In January 2014, there were reports that Microsoft was paying YouTube video creators via Machinima - one of the site's biggest channels - to promote its current-gen console, the Xbox One. And on Thursday, the US Federal Trade Commission issued an order that forces Machinima, Inc. to "disclose when it has compensated 'influencers' to post YouTube videos or other online product endorsements as part of 'influencer campaigns'".
According to FTC regulations, disobeying a final consent order carries a penalty of up to $16,000 (roughly Rs. 10.6 lakhs) per violation. The Commission's investigation into the unfair practice was announced back in September 2015, but the failure to properly connect the dots between video creators and Machinima led to a settlement. It discovered that Machinima had offered a group of "influencers" access to pre-release versions of Xbox One console and games, and asked them to give a glowing review without disclosing they were being compensated for the same. In return, they were paid $1 (Rs. 67) for every 1,000 views on their videos, up to a maximum of $25,000 (roughly Rs. 16.6 lakhs).
"When people see a product touted online, they have a right to know whether they're looking at an authentic opinion or a paid marketing pitch," Jessica Rich, director of the US Bureau of Consumer Protection said in a statement in September. "That's true whether the endorsement appears in a video or any other media."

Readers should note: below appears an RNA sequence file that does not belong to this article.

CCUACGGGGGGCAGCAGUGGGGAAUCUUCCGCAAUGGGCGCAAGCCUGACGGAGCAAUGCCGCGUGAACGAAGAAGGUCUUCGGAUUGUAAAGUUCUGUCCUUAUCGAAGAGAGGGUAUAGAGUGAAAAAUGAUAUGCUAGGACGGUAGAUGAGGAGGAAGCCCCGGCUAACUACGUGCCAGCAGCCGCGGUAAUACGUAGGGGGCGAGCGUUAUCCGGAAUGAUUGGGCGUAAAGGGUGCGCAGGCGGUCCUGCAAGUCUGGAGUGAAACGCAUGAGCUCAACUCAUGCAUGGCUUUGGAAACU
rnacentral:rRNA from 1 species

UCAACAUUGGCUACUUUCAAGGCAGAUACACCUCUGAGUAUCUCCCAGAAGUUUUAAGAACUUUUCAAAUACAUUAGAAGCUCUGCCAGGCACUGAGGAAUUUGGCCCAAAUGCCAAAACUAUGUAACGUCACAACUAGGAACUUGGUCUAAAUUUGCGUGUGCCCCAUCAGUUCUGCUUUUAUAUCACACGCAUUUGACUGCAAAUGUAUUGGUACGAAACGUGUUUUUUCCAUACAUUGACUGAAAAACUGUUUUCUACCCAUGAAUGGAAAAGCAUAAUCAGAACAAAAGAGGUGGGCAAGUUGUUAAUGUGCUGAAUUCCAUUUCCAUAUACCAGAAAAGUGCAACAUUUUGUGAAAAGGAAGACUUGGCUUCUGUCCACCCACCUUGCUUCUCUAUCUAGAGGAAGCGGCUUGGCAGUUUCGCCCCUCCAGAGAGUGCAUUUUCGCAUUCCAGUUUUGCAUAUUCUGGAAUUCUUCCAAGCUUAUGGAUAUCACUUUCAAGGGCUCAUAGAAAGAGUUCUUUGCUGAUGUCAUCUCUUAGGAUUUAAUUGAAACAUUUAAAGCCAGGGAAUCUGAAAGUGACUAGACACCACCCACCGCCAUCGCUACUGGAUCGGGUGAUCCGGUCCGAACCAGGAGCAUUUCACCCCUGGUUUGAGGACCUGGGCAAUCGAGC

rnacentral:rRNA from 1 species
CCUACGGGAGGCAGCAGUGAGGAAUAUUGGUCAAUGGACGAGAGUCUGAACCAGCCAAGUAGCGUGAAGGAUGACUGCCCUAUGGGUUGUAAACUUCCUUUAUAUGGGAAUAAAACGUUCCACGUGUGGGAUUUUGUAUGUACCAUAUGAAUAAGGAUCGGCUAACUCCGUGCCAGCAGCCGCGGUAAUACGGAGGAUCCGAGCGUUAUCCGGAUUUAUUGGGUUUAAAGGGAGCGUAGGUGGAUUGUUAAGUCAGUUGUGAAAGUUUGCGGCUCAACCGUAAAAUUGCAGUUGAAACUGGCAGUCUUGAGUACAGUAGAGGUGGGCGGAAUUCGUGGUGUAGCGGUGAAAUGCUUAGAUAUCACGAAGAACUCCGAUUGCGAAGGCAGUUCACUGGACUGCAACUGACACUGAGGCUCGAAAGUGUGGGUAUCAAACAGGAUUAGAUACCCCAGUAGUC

Although the FTC did send a letter to Microsoft for its part in the debacle, they didn't pursue the software giant further because the matter was being handled by Microsoft's advertising agency, Starcom MediaVest Group. Also, the Commission found out that both Microsoft and Starcom had told Machinima to ask "influencers" to provide the necessary disclosures after they realised the problem, but the gaming channel had failed to do so.
The job of the FTC is to ensure that endorsements are honest and not misleading, and hence it works to regulate any endorser that is being compensated for their "opinions" but isn't being open to its audience. In our Internet age wherein the line gets repeatedly blurred, be it Twitter, Instagram or Snapchat where such schemes widely operate, the FTC has had to issue newer guidelines to keep up with the various methods.
In India, the Competition Commission of India (CCI) is in-charge of handling all such matters. The last amendment to its guidelines was done back in 2009, a time when most Internet services were on the verge of infancy. Another amendment bill was brought to the floor back in 2012, but it lapsed after the 2014 general election.